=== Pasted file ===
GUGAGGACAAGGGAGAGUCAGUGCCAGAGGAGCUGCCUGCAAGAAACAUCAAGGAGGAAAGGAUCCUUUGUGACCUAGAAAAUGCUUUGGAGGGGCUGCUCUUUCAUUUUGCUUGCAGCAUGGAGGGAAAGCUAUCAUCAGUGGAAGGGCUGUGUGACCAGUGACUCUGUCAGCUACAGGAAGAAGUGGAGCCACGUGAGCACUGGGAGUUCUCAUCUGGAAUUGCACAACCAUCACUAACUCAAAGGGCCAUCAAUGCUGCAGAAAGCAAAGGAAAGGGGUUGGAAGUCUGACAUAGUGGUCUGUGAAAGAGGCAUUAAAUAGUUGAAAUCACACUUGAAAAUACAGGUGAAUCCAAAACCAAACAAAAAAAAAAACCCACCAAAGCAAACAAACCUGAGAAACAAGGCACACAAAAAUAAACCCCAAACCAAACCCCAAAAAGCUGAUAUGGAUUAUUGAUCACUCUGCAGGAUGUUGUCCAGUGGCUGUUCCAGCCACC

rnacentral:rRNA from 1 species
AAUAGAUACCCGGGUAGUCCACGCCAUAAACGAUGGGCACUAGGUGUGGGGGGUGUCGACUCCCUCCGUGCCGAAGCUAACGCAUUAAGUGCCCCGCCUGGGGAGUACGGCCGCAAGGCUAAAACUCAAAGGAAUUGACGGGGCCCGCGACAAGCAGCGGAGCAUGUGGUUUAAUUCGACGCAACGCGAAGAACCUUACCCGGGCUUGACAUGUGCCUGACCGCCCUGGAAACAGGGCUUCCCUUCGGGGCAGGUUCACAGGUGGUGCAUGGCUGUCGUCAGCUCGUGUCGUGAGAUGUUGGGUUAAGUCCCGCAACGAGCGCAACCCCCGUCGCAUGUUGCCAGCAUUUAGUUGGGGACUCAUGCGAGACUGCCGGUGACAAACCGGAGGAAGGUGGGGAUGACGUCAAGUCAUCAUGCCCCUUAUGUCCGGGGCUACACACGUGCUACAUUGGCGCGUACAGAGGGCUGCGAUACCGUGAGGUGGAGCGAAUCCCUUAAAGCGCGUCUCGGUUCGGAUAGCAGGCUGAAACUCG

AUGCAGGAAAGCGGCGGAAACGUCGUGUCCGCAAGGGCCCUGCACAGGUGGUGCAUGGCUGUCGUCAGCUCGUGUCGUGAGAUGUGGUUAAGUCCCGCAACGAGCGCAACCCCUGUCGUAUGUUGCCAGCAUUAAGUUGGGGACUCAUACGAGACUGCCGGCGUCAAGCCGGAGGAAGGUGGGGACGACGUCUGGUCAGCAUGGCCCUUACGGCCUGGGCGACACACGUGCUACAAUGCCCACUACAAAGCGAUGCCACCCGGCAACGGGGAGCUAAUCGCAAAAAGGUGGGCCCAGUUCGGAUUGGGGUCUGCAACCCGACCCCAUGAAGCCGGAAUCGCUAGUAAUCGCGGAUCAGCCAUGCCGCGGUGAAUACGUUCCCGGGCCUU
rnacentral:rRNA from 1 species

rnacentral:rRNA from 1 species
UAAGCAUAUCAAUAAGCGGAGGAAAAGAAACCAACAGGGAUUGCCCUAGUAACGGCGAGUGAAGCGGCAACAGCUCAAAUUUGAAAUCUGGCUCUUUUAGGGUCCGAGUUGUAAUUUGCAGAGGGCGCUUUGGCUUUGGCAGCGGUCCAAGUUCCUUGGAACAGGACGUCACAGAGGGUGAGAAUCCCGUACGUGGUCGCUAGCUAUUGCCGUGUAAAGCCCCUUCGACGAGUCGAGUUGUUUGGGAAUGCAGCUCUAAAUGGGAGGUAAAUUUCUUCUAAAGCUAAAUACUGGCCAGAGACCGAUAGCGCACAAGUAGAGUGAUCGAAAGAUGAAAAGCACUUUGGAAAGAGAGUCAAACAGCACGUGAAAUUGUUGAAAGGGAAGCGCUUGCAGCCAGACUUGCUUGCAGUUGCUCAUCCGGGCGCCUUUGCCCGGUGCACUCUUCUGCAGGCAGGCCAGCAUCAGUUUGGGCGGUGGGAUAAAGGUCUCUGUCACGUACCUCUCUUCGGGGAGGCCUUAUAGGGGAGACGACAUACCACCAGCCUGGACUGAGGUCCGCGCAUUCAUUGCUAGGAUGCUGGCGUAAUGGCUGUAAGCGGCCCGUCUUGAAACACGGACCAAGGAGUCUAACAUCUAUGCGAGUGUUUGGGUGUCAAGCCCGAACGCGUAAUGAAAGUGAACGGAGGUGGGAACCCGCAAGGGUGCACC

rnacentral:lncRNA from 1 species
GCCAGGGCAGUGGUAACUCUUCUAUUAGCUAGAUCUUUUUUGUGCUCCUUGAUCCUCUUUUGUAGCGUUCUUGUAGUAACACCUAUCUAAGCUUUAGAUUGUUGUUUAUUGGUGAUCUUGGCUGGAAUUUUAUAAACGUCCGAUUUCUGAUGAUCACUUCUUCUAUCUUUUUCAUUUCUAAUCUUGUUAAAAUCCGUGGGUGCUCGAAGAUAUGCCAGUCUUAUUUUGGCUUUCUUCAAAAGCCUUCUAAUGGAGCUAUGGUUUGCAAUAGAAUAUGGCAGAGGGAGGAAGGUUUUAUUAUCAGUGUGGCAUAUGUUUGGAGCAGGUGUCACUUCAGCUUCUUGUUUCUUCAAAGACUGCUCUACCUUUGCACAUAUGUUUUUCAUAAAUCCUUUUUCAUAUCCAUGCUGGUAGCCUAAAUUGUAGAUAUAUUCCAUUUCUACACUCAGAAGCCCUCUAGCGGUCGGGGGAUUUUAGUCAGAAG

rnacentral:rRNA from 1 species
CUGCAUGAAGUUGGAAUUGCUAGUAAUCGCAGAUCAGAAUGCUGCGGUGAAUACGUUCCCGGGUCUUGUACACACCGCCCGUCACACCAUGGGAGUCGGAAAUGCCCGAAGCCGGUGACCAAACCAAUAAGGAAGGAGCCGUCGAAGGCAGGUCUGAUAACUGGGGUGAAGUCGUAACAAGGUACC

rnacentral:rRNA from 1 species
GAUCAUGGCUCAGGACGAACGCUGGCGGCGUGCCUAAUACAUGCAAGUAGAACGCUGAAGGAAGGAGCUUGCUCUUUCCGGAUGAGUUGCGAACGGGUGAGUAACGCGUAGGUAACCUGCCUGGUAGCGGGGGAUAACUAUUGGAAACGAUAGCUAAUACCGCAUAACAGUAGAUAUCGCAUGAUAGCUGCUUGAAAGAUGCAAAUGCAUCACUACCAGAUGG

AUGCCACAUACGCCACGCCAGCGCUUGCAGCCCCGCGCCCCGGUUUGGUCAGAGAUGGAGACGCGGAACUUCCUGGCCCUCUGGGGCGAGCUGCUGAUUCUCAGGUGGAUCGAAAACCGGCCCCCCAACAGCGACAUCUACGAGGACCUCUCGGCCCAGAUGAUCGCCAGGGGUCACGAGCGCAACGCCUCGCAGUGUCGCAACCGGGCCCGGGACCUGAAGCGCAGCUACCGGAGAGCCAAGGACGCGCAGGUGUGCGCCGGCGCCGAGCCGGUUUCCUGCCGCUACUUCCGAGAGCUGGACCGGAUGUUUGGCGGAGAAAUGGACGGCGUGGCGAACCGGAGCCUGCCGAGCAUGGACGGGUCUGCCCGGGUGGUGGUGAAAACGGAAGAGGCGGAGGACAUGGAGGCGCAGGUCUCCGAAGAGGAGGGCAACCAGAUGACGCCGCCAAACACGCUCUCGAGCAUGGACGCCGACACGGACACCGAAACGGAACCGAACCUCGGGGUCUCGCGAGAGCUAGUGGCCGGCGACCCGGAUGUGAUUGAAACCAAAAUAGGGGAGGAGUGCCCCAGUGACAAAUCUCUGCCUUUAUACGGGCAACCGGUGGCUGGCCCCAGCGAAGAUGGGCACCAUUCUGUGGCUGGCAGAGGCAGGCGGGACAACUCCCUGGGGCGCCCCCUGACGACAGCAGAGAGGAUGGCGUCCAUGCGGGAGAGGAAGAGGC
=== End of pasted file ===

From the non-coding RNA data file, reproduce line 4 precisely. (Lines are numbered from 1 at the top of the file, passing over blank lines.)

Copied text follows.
AUGCAGGAAAGCGGCGGAAACGUCGUGUCCGCAAGGGCCCUGCACAGGUGGUGCAUGGCUGUCGUCAGCUCGUGUCGUGAGAUGUGGUUAAGUCCCGCAACGAGCGCAACCCCUGUCGUAUGUUGCCAGCAUUAAGUUGGGGACUCAUACGAGACUGCCGGCGUCAAGCCGGAGGAAGGUGGGGACGACGUCUGGUCAGCAUGGCCCUUACGGCCUGGGCGACACACGUGCUACAAUGCCCACUACAAAGCGAUGCCACCCGGCAACGGGGAGCUAAUCGCAAAAAGGUGGGCCCAGUUCGGAUUGGGGUCUGCAACCCGACCCCAUGAAGCCGGAAUCGCUAGUAAUCGCGGAUCAGCCAUGCCGCGGUGAAUACGUUCCCGGGCCUU